Painter and sculptor Anne Lane lives and works in Upstate South Carolina. When painting, she exploits the fluid characteristics of watercolor, gouache, and oil mediums to capture the landscapes and coastal scenes of the South.
Much of her three-dimensional work is crafted from found objects of factories and farms. The resulting assemblage sculptures are an homage to the hands that built America.
Her respect for the working man reflect memories of her own father who grew up on a family owned farm and later worked in a textile mill.
about the work
"Assemblage sculpture is a language in form. I am using objects to build puzzles using symbolic metaphors to communicate my ideas. It is more than grouping objects to reassign meaning or borrowing meaning from an object's original purpose. Using form challenges me to think differently about communicating an expression. My goal for "The American Factory: Factory's Flight", is to illustrate metaphorically the result of political maneuvers that took jobs out of the hands of the American worker. The piece represents de-constructing the Ameican factory by picking up the jobs that were the foundation of our economy and flying them away. I ask that the viewer follow a quiet question: what does the antiquated piece say about the significance of an America that no longer makes products or workers?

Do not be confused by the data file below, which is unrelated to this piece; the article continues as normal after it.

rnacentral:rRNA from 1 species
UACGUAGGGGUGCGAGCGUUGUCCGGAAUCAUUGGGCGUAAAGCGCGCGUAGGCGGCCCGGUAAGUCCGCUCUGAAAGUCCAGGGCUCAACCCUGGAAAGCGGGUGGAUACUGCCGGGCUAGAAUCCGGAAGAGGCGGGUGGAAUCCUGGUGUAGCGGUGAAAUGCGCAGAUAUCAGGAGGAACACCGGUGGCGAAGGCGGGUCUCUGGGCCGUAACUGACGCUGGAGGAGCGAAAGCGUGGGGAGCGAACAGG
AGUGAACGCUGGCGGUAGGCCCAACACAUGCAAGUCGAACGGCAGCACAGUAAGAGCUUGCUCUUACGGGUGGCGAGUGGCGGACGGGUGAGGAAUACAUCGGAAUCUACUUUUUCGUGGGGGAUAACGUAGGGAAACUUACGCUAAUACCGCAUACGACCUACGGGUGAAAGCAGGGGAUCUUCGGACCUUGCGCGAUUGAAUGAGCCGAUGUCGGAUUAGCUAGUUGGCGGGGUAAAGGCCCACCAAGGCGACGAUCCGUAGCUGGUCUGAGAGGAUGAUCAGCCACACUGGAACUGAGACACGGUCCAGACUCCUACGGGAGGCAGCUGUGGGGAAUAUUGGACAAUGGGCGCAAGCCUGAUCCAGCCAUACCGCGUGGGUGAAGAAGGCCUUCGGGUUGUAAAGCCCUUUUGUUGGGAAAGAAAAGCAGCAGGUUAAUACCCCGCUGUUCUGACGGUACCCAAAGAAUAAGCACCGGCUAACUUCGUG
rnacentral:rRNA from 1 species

My father is the inspiration for my factory series, and last summer, I took a long look at my childhood impressions, the smell of oil on my father's hands and the sight and feel of cloth products from weave rooms where he worked. I remember my father's dedication and his words, "To work is good, and no matter what you do, always do a good job."